This illustrates the Achilles Heel of the whole shale oil & gas mirage : wells have an unusually high production drop-off rates & maintaining output requires a “Drill, baby, drill” modus operandi. It is also interesting to note in this context that Denbury Resources, that last September sold its Bakken exposure to ExxobMobil, has now used the proceeds thereof to buy ConocoPhillips’ properties in Montana’s Cedar Creek Anticline where, after producing oil for over half a century, output using traditional technology has been dropping off but where Denbury thinks it can recover as much as 185MM bbls., in part by applying its Bakken experience (in which case its US$5.67/bbl purchase price will prove to have been a real bargain). This in line with the history of the oil patch. Big Oil’s ponderous decision making processes have typically caused it to have to buy its way into new plays in johny-come-lately fashion & to sell off its mature properties just as more fleet afoot small operators are figuring out how to use new technologies to blow new life into them.
THE INVASION OF THE DATA SNATCHERS (NYT, Bill Keller)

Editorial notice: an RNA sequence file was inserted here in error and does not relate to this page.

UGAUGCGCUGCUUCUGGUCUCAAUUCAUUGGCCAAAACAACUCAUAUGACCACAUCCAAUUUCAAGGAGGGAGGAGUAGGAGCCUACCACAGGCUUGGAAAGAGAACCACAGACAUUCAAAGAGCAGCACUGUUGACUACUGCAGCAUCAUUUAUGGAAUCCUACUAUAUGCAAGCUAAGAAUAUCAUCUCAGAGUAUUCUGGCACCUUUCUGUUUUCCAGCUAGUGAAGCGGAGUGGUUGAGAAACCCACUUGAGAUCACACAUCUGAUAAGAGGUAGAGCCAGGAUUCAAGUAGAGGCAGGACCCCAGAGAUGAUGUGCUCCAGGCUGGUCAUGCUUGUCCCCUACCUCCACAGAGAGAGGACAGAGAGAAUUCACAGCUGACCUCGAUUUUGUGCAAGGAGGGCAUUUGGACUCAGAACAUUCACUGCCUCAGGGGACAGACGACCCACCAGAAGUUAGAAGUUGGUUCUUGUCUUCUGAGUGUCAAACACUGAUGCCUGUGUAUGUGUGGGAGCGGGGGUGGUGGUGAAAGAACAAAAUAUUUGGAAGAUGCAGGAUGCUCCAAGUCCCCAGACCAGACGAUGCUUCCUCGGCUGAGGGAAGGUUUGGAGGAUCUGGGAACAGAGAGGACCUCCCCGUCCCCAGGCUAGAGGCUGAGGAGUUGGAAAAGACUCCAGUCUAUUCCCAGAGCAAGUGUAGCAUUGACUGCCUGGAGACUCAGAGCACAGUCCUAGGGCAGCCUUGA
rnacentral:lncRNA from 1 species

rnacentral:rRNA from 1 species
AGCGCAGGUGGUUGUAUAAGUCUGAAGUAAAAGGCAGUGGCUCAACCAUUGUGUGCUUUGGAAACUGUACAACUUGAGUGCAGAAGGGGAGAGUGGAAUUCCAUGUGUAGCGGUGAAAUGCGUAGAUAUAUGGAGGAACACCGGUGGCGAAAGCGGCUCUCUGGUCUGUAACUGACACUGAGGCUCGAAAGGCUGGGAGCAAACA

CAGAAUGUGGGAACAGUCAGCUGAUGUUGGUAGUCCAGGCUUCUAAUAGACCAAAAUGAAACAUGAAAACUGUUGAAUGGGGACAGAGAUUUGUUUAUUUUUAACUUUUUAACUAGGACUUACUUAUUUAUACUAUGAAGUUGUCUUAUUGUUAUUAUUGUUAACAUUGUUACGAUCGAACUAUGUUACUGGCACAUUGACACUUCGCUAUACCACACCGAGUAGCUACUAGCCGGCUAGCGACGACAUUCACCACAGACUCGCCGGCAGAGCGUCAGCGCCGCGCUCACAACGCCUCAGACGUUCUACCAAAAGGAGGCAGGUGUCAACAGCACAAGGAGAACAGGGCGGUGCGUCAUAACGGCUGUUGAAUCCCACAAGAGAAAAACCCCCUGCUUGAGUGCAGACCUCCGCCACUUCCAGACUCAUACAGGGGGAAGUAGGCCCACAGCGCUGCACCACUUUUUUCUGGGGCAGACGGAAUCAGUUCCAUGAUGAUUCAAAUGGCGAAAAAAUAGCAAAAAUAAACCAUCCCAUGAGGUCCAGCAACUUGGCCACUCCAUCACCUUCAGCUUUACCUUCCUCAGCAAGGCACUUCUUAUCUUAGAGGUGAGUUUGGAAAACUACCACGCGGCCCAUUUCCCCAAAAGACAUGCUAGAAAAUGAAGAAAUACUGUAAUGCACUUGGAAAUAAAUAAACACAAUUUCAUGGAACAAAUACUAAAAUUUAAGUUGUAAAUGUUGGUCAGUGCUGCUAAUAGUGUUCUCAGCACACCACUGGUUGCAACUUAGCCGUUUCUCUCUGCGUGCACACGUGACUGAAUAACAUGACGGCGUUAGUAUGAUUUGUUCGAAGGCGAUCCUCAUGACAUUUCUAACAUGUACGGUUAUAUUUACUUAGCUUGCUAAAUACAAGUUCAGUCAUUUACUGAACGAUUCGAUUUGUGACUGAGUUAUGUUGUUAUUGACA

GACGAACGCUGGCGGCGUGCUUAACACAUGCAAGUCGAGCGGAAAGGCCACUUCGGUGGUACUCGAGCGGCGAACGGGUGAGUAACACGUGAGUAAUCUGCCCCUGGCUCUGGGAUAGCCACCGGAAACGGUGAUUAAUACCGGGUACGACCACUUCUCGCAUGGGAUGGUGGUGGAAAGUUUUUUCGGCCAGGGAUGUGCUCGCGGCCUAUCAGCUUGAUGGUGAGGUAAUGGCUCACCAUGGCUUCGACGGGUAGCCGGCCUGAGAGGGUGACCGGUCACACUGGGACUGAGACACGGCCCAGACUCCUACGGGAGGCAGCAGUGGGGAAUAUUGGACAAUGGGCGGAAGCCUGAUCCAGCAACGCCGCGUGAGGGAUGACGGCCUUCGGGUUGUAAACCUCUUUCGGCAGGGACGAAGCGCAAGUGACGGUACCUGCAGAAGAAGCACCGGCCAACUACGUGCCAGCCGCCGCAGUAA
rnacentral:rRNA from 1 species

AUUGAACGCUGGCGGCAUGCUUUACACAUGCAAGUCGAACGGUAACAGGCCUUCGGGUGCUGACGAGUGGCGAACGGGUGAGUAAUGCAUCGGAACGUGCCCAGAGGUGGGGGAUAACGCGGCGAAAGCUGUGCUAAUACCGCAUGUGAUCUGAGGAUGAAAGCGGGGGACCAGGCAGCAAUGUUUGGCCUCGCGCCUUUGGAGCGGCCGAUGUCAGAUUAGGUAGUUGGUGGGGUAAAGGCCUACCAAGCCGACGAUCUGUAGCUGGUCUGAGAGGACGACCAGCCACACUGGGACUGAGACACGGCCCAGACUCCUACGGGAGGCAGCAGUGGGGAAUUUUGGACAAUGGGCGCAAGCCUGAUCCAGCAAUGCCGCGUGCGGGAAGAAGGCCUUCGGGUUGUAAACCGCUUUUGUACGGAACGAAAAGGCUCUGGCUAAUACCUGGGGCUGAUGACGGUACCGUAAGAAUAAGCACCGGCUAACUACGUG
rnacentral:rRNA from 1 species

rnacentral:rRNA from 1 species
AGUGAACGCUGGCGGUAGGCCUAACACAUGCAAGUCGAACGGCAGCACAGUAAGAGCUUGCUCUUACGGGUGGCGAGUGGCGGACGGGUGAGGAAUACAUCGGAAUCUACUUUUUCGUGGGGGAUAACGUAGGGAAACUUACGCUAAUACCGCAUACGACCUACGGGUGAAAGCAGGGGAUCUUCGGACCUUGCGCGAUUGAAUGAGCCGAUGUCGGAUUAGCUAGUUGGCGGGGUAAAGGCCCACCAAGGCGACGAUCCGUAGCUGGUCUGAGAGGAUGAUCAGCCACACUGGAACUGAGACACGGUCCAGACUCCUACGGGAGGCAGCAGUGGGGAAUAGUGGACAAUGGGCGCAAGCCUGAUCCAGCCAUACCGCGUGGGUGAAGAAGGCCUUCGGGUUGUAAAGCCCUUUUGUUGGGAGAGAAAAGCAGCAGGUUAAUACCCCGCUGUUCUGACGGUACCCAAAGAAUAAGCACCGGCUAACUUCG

• Under the heading The Gun Owner Next Door the Gannett-owned White Plains, N.Y. Journal News published the names, & mapped the addresses, of 33,614 handgun permit owners in two surrounding counties. ‘Public’ reaction was swift & venomous (& supposedly not just from gun owners), ranging from suggestions the identities of the journalists involved deserved be stolen, their houses burgled & their children taunted to that they be shot, with one retired Florida police detective-turned-author calling it “one of the most despicable acts of dirty journalism ever”. But while some Americans can get seriously exercised about this kind of invasion of privacy, all of us are sleepwalking through the ever more pervasive invasion of our privacy by the authorities in the name of homeland security, even as the threat posed by al-Qaeda wanes. Thus last month Attorney-General Eric Holder authorized the National Counterterrorism Center to examine & copy everything the government may have collected, & stored, about any American. None of us paid any attention when in its dying days the members of the 112th Congress found the time to re-authorize the law that allows any, & all, US intelligence agencies (of which there are 16, if not more) to eavesdrop on our emails & phone calls. And few, if any, people raise their voices when Facebook & the like monetize our personal information for their gain.